“But she didn’t have any money.”

“Actually, I loaned her five thousand dollars. She that you’d be able to pay me back.”

“Right, well, thanks for everything.”

“You’re welcome! I think the operation was a complete success.”

“Right. Right. Okay, bye-bye.”

“So long, pal.”

Jaidev closed his phone and walked towards the subway. The air was cool and crisp and Jaidev noticed that the weather was quickly changing to autumn. 


Sharon Fogarty, (c) 2007

There once was a man who was very lonely. Each day, he left his apartment, and walked around his small town, but didn’t really talk to many people. He thought he was smarter than everyone and everyone he met seemed interested in small talk. Small talk was something the man could not grasp. 

He knew that he needed some kind of company, but he wasn’t sure of what sort. One day, he was on his usual route and noticed that a new pet store had opened in his neighborhood. He was confused because he had never noticed them building, renovating or moving in. Rather, the pet store seemed to have suddenly appeared, but of course, there was always lots of developments going on in this small town. The man entered the store which smelled of cedar and sea weed. There were kittens, puppies, gold fish, finches, ferrets and snakes. He asked the saleswoman, “What do you have that’s quiet?”

The woman went into the back office and was gone for about five minutes. The man felt angry that she took so long. When she finally returned, she carried a bird cage which held a blue dove.

“This is a blue dove,” she told the man. “She doesn’t have much to say but she’s very sweet and gentle.”
“How much is she?” asked the man.
“You can take her as my gift.”
“I’m not sure if she’s exactly right,” said the man. “She looks a bit like a parrot, or a jay. She’s unusual.” 

“You can always bring her back,” said the woman.

The man took the dove in its cage and made his way home. It was getting close to dinner time. The man heated some soup from a can and made two pieces of toast with cheese. He sat with his dinner in front of the cage and watched the blue dove. He pondered on her appearance, her feathers, beak and feet and listened to her occasional low cooing. He still wasn’t sure if she was exactly right. But then again, he hadn’t had much experience with birds.

He poured her feed into the little blue dish inside of the cage and filled her water bottle. The blue dove side stepped awkwardly towards the feed bowel as the old man observed, “Not too graceful, are you?” he said.

Then the blue dove drank the water as she was very thirsty. The man observed her behavior and wondered if it bordered on gluttony. Still, she had the most unusual color, the largest deepest eyes and a cooing that soothed him to sleep.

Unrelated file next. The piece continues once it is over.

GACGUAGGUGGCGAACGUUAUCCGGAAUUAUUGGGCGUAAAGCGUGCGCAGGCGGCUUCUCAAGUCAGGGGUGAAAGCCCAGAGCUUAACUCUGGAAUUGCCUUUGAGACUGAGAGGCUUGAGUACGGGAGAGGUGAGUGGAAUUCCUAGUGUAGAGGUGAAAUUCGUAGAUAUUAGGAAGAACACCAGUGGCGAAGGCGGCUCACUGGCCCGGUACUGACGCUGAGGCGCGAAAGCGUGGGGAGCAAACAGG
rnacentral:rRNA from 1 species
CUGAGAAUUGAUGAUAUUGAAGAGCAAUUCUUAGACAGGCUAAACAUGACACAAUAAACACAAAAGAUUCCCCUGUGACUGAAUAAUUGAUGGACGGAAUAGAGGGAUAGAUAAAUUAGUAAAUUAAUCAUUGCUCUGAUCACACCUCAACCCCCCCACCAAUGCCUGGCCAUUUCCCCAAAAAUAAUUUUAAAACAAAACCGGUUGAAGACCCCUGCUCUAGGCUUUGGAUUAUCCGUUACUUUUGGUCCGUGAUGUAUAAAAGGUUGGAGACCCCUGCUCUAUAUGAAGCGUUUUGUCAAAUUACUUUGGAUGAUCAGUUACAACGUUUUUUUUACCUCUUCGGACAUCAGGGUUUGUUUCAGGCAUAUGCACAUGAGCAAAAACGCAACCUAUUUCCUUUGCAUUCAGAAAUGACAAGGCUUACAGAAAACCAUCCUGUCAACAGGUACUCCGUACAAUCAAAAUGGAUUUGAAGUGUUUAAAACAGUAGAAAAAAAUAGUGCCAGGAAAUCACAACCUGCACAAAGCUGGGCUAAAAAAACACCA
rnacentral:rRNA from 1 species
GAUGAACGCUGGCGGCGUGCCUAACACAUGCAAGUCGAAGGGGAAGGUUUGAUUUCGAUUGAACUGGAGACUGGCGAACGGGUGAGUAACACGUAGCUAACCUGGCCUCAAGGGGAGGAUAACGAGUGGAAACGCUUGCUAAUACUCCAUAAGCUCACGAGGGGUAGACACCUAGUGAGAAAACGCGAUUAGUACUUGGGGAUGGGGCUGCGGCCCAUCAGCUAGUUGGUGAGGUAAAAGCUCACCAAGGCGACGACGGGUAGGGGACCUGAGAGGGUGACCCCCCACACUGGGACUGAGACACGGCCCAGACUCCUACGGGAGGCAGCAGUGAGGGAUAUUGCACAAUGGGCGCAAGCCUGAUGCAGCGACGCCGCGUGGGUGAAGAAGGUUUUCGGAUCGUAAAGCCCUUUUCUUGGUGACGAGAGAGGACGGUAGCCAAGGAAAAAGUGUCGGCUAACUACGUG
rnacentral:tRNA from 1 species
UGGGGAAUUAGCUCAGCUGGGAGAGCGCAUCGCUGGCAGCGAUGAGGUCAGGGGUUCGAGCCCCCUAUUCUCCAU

The man nodded off in front of the cage and dreamt that he was flying. He was holding his bowl of soup in his hand and feeling it pull him around the sky. This scared the man because he seemed to be traveling so high above the ground.

“Don’t be afraid, my love” said the blue dove who in his dream was able to speak.

“It’s too high,” said the man.

“I’ll take care of you,” said the dove.

The dream continued and the man found himself soaring close to the top of the ocean. He reached his hand out and felt the soft feathery wings of the blue dove. He knew that he would be safe with her. 

The grandfather clock chimed and the man woke up from his nap. He saw that the blue dove was sleeping, her beak nestled in her crest. She snored as quietly as a kitten’s purr.

“Wake up!” said the man. The blue dove woke to stare at the man.

The next day the man went out of his walk and stopped into the pet store again.

“How’s the blue dove getting along?” asked the saleswoman.

“I’m still not sure she’s right for me,” said the man. “She sleeps a lot.”

“Maybe she just needs attention,” said the saleswoman.

“I don’t have much of that,” said the man.

“Here, I’ll give you a mirror so she can look at herself.”

The man took the mirror from the saleswoman and went home. He made some tea than put the mirror into the cage so that the blue dove could see herself. Immediately the blue dove preened in front of the mirror and spent the next hour molting and cleaning her feathers until they gleamed. 

“That’s vanity for you,” said the man.

These words made the bird stop preening and cleaning. She returned to the middle of her perch and put her head down.

“I don’t suppose you understand me,” said the man.

The dove cooed softly.

“No, you’re not very smart.”

The dove cooed again. She teetered over to her mirror and turned it towards the man so he could see himself.

“Bad bird!” said the man, and he took the mirror out of the cage.

The next day, the man returned the mirror to the pet store. The saleswoman asked how the dove was doing.

“She’s odd. I’m still not sure she’s right,” said the man.

“Well, what are you looking for in a pet? The dove is beautiful and sweet. Do you need something more interactive? Like a puppy?”